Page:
Description of day case costs and tariffs of cataract surgery from a sample of nine European countries
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CataractCosting methodologyTransparencyEconomic evaluation
Olry de Labry Lima, A., Špacírová, Z. & Espín, J. Description of day case costs and tariffs of cataract surgery from a sample of nine European countries. Cost Eff Resour Alloc 20, 11 (2022). [https://doi.org/10.1186/s12962-022-00346-3]
SponsorshipEuropean Commission 779312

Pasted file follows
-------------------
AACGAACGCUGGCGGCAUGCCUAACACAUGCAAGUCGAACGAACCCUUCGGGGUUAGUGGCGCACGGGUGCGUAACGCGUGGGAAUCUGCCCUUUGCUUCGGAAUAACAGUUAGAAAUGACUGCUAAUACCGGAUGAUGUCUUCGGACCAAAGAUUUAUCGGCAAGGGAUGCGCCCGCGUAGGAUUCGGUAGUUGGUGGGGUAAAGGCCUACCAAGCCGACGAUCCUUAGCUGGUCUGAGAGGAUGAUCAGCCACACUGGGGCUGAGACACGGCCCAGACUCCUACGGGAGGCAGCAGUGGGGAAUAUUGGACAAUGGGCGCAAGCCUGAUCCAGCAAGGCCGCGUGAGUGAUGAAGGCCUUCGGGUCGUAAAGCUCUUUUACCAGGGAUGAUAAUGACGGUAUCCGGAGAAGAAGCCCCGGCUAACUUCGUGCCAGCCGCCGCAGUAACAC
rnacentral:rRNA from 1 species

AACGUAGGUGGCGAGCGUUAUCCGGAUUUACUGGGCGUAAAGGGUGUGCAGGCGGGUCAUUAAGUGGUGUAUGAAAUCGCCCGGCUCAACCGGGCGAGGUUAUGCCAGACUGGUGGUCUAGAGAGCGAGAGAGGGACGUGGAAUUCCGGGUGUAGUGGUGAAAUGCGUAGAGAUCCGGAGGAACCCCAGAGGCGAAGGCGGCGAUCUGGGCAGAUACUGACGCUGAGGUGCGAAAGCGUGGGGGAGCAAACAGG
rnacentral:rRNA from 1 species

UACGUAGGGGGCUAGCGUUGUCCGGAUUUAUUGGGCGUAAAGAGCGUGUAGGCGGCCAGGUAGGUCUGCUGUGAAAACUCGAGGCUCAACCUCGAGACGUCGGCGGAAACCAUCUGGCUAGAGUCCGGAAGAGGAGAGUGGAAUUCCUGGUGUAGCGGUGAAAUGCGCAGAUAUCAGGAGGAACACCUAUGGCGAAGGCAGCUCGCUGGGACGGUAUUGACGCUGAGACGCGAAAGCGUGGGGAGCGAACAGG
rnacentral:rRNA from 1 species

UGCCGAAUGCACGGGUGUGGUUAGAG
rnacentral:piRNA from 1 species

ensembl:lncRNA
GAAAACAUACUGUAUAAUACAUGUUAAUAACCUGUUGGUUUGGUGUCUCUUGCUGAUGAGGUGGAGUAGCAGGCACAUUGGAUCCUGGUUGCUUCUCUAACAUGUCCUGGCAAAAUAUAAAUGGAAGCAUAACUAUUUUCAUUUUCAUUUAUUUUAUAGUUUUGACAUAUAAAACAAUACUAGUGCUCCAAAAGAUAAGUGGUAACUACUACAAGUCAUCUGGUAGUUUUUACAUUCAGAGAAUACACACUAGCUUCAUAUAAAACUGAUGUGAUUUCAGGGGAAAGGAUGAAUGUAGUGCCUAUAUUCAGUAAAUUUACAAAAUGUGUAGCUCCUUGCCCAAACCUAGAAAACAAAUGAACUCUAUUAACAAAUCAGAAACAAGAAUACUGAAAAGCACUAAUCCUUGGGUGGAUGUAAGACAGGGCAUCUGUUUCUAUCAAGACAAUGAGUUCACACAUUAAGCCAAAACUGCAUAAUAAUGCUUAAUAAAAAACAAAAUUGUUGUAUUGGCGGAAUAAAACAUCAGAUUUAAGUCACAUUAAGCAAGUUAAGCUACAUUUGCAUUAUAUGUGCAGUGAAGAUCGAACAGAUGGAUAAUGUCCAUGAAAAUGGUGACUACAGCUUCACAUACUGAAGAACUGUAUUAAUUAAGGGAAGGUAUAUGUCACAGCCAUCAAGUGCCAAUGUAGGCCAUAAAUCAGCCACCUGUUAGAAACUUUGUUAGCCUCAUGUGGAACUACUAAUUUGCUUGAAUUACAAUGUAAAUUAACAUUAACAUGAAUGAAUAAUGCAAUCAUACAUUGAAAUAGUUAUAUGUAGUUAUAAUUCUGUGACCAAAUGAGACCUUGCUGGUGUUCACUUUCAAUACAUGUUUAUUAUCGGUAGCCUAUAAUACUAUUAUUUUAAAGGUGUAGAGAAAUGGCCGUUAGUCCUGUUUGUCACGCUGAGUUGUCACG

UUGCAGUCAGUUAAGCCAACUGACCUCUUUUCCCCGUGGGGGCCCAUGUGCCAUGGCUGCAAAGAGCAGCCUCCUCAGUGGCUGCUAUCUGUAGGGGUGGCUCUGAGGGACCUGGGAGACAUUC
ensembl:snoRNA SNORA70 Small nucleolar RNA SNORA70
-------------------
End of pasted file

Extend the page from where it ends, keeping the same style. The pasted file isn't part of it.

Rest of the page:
Background: The lack of transparency in the methodology of unit cost estimation and the usage of confidential or undisclosed information prevents cost comparisons and makes the transferability of the results across countries difficult. The objective of this article is to compare the methodologies used in the estimation of the cost of a day case cataract extirpation that are described in the official and publicly available sources and to study how these translate into different unit cost estimates. Methods: A literature review was conducted to identify the main sources of unit costs of cataract extirpation. A semistructured questionnaire to obtain information on national costing methodologies was developed and sent to consortium partners in nine European countries. Additionally, publicly available sources of unit cost of cataract surgery in those countries included in the European Healthcare and Social Cost Database (EU HCSCD) were analysed. Results: The findings showed a considerable diversity across countries on unit costs varying from 432.5€ in Poland (minor degree of severity) to 3411.96€ in Portugal (major degree of severity). In addition, differences were found in the year of cost publication and on the level of detail of different types of cataract surgery. The unit of activity were Diagnosis-Related Groups in all countries except Slovenia. All unit costs include direct costs and variable overheads (except Germany where nursing costs are financed separately). Differences were identified in the type of fixed overheads included in unit costs. Methodological documents explaining the identification, measurement and evaluation of resources included in the unit costs, as well as use of appropriate cost drivers are publicly available only in England, Portugal and Sweden. Conclusions: We can conclude that while unit costs of cataract extirpation are publicly available, the information on methodological aspects is scarce. This appears to pose a significant problem for cross-country comparisons of costs and transferability of results from one country to another.